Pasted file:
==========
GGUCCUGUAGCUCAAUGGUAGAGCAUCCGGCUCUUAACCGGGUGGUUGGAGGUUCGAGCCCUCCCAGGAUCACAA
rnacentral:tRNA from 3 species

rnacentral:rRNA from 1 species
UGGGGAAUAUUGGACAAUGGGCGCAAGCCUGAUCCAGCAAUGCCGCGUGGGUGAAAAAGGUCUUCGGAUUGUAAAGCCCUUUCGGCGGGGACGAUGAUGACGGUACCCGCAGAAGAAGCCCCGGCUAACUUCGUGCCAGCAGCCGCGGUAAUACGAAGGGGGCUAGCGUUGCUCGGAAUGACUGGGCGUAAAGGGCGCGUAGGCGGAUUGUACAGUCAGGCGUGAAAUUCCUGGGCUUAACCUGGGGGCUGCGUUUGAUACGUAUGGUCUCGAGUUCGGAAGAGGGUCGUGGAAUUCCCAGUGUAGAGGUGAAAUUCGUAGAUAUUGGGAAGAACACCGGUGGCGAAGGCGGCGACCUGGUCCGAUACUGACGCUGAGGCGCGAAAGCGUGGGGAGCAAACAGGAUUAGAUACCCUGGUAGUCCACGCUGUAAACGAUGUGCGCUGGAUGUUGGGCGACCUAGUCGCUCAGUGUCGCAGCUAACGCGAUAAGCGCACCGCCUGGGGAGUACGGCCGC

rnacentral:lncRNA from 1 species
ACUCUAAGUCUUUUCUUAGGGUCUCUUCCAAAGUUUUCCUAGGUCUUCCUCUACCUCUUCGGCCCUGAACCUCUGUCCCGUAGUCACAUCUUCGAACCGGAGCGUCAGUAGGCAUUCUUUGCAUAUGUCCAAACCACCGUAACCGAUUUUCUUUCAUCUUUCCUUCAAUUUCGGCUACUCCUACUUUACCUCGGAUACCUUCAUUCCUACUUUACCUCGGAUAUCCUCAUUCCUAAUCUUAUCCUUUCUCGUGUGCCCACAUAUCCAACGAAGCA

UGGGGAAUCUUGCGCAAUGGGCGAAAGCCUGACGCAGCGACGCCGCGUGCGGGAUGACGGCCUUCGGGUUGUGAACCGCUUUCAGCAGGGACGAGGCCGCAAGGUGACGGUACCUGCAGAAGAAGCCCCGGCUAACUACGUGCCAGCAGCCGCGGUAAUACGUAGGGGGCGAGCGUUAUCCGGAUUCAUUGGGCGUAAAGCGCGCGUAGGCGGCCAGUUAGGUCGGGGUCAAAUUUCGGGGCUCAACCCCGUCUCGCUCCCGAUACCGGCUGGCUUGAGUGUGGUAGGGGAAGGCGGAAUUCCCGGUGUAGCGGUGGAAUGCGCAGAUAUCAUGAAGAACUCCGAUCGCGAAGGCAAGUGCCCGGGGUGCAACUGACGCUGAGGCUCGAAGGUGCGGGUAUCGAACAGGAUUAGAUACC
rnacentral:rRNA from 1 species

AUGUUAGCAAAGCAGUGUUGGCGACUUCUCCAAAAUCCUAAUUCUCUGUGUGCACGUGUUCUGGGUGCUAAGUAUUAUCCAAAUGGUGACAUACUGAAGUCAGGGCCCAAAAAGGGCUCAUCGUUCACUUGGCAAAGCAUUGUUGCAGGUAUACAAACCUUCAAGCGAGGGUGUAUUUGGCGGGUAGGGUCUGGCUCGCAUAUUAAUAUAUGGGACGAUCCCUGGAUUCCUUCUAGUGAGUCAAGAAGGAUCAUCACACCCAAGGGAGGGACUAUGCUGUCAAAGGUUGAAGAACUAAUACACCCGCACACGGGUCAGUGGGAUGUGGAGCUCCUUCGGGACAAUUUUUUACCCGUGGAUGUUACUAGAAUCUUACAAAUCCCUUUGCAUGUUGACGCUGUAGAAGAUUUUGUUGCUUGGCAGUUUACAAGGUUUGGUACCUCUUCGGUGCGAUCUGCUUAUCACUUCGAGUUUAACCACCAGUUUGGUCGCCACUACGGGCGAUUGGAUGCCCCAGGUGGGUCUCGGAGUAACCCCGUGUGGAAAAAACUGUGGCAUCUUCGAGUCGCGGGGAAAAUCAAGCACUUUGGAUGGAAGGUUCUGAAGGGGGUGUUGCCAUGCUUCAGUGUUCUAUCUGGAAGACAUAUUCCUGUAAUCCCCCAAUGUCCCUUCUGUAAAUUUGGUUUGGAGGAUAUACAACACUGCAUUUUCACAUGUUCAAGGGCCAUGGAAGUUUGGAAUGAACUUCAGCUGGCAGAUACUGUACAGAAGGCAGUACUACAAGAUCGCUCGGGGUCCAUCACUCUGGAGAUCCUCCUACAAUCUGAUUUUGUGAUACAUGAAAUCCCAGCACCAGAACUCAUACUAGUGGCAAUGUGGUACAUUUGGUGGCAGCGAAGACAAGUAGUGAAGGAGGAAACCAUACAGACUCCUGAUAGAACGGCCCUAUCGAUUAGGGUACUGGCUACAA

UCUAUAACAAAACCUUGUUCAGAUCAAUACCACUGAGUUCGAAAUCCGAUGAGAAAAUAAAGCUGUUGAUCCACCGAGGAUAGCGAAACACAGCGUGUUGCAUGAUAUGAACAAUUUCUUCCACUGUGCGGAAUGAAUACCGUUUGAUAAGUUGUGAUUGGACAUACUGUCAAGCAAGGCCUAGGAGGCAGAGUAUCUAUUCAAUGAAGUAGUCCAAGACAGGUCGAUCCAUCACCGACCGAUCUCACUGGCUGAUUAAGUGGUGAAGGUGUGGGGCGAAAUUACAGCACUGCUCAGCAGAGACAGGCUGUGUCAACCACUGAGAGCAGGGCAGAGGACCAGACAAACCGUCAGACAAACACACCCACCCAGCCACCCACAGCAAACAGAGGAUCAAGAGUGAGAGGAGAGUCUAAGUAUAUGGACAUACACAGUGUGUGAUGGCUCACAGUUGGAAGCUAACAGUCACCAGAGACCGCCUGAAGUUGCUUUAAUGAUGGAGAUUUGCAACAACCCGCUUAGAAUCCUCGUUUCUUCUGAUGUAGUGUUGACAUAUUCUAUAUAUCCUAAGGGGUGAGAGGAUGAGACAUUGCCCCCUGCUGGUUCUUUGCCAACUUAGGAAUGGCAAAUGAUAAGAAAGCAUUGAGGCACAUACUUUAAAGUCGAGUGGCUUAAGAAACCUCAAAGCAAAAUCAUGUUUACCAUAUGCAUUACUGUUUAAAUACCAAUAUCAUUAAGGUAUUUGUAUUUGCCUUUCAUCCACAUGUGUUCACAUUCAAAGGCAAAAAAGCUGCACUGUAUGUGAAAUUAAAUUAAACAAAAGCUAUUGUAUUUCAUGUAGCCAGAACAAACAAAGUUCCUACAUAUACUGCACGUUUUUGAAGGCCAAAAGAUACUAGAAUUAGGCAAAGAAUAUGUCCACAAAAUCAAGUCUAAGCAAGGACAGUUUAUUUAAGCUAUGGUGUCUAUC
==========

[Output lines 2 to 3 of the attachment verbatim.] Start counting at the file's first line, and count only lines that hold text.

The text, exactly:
rnacentral:tRNA from 3 species

rnacentral:rRNA from 1 species